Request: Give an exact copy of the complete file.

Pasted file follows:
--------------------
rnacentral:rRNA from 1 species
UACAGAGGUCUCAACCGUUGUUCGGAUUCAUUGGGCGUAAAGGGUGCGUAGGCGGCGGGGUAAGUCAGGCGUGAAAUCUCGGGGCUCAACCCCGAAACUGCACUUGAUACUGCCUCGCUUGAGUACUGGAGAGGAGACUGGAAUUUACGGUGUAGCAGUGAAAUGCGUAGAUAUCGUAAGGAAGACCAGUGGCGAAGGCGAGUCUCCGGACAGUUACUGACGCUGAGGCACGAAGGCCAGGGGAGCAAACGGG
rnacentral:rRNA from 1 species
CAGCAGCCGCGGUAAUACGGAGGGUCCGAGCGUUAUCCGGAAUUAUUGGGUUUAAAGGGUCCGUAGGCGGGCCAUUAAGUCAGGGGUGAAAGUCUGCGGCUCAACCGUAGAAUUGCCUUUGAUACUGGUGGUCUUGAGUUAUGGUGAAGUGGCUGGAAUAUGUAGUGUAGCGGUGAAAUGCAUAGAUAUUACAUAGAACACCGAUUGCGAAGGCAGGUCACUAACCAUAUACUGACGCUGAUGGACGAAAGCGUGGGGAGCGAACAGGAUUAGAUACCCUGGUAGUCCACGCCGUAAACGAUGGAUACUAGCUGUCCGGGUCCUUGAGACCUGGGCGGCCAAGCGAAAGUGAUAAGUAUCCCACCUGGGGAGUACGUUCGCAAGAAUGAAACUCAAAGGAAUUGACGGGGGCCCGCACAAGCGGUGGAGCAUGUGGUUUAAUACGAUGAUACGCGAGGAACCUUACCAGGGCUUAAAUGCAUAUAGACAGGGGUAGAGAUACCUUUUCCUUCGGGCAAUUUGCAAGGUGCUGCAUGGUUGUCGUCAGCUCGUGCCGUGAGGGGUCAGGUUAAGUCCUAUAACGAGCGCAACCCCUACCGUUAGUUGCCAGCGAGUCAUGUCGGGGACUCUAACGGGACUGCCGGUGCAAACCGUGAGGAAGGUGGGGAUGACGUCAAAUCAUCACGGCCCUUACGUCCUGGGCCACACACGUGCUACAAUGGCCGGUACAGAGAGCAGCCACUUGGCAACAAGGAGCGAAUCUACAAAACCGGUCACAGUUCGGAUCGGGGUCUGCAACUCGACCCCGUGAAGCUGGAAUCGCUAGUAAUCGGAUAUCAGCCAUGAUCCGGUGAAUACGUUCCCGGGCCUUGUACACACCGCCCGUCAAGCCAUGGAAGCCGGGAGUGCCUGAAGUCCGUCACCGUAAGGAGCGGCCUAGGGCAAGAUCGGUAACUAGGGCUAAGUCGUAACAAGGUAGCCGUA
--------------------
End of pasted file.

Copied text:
rnacentral:rRNA from 1 species
UACAGAGGUCUCAACCGUUGUUCGGAUUCAUUGGGCGUAAAGGGUGCGUAGGCGGCGGGGUAAGUCAGGCGUGAAAUCUCGGGGCUCAACCCCGAAACUGCACUUGAUACUGCCUCGCUUGAGUACUGGAGAGGAGACUGGAAUUUACGGUGUAGCAGUGAAAUGCGUAGAUAUCGUAAGGAAGACCAGUGGCGAAGGCGAGUCUCCGGACAGUUACUGACGCUGAGGCACGAAGGCCAGGGGAGCAAACGGG
rnacentral:rRNA from 1 species
CAGCAGCCGCGGUAAUACGGAGGGUCCGAGCGUUAUCCGGAAUUAUUGGGUUUAAAGGGUCCGUAGGCGGGCCAUUAAGUCAGGGGUGAAAGUCUGCGGCUCAACCGUAGAAUUGCCUUUGAUACUGGUGGUCUUGAGUUAUGGUGAAGUGGCUGGAAUAUGUAGUGUAGCGGUGAAAUGCAUAGAUAUUACAUAGAACACCGAUUGCGAAGGCAGGUCACUAACCAUAUACUGACGCUGAUGGACGAAAGCGUGGGGAGCGAACAGGAUUAGAUACCCUGGUAGUCCACGCCGUAAACGAUGGAUACUAGCUGUCCGGGUCCUUGAGACCUGGGCGGCCAAGCGAAAGUGAUAAGUAUCCCACCUGGGGAGUACGUUCGCAAGAAUGAAACUCAAAGGAAUUGACGGGGGCCCGCACAAGCGGUGGAGCAUGUGGUUUAAUACGAUGAUACGCGAGGAACCUUACCAGGGCUUAAAUGCAUAUAGACAGGGGUAGAGAUACCUUUUCCUUCGGGCAAUUUGCAAGGUGCUGCAUGGUUGUCGUCAGCUCGUGCCGUGAGGGGUCAGGUUAAGUCCUAUAACGAGCGCAACCCCUACCGUUAGUUGCCAGCGAGUCAUGUCGGGGACUCUAACGGGACUGCCGGUGCAAACCGUGAGGAAGGUGGGGAUGACGUCAAAUCAUCACGGCCCUUACGUCCUGGGCCACACACGUGCUACAAUGGCCGGUACAGAGAGCAGCCACUUGGCAACAAGGAGCGAAUCUACAAAACCGGUCACAGUUCGGAUCGGGGUCUGCAACUCGACCCCGUGAAGCUGGAAUCGCUAGUAAUCGGAUAUCAGCCAUGAUCCGGUGAAUACGUUCCCGGGCCUUGUACACACCGCCCGUCAAGCCAUGGAAGCCGGGAGUGCCUGAAGUCCGUCACCGUAAGGAGCGGCCUAGGGCAAGAUCGGUAACUAGGGCUAAGUCGUAACAAGGUAGCCGUA